The coronavirus pandemic has hit the world hard. Many businesses have been ruined, to the extent that chances of recovery look bleak.
And added to that is the tension between the world’s two largest economies – United States and China.
China on Friday reiterated its commitment to implementing the phase-one trade deal signed with the US at the National People’s Congress. The agreement, signed in January, compels it to buy goods in goals that seemed lofty even before the Covid-19 pandemic hit demand and battered supply chains.
Within hours, White House economic aide Kevin Hassett told CNN that the US is closely studying economic penalties for China related to the nation’s plan to enact sweeping national security legislation in Hong Kong.
Recently, the incoming chief economist of the World Bank said the era of globalisation is probably dead.
“Without being melodramatic, Covid-19 is like the last nail in the coffin of globalisation,” Carmen Reinhart, a professor of international finance at the Harvard Kennedy School, told Bloomberg.
“The 2008-2009 crisis gave globalisation a big hit, as did Brexit, as did the US-China trade war, but Covid-19 is taking it to a new level.”
Reinhart, a financial crisis expert, currently serves on advisory boards of the International Monetary Fund (IMF) and the New York Federal Reserve.
World Bank President David Malpass said in a statement Reinhart’s experience and insights would prove invaluable as the coronavirus pandemic heaps economic pain on developing countries. She starts at the bank on June 15.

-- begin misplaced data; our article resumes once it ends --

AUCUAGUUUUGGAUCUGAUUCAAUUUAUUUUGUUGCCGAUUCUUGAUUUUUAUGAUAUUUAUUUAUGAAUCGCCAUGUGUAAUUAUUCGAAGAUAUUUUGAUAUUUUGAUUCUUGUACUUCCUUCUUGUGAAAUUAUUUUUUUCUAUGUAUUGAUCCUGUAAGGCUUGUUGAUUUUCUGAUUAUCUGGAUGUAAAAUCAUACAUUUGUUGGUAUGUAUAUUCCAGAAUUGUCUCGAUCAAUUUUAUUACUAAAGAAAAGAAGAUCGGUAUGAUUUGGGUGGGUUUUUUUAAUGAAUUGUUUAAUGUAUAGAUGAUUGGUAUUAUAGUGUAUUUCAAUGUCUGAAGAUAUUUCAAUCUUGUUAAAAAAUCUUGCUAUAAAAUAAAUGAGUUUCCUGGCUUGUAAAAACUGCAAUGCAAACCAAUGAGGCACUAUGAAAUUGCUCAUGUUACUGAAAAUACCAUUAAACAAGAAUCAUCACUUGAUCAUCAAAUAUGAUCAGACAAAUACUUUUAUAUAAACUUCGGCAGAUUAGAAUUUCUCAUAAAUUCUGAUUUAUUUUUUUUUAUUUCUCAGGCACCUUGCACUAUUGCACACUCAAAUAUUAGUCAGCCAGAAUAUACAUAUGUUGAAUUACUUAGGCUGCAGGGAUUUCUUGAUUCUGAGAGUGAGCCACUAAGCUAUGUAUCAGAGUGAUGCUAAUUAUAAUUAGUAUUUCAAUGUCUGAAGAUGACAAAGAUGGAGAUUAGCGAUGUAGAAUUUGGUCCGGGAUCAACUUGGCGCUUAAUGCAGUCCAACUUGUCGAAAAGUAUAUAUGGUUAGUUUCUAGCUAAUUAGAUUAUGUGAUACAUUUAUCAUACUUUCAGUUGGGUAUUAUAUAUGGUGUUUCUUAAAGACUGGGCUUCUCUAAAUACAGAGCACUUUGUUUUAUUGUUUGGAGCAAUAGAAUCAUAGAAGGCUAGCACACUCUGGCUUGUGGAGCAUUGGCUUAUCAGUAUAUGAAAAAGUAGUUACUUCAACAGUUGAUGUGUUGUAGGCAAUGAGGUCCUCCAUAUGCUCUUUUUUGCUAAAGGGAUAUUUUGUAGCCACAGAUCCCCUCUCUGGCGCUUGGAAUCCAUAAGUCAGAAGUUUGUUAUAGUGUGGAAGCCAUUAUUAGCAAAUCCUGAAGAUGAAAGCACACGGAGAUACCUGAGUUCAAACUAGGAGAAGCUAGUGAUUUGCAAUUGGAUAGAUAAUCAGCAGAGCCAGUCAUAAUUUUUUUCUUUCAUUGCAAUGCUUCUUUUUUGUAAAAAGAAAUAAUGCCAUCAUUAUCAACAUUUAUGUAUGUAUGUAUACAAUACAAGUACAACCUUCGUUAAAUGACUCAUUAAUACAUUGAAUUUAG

Reinhart published a book entitled “This Time is Different: Eight Centuries of Financial Folly,” together with economist Kenneth Rogoff of Harvard University in 2009.
The book called for stricter regulations and an early-warning system to sound the alarm about financial bubbles, arguing that central bankers, policy makers and investors tended to ignore the telltale signs of a bubble.
In an article she wrote on the pandemic in March, Reinhart said: “Clearly, this is a ‘whatever-it-takes’ moment for large-scale, outside-the-box fiscal and monetary policies.”
Reinhart’s expertise include international capital flows, and sovereign debt crises, the World Bank said.
She replaces Pinelopi Goldberg, who left on March 1 after only 15 months on the job.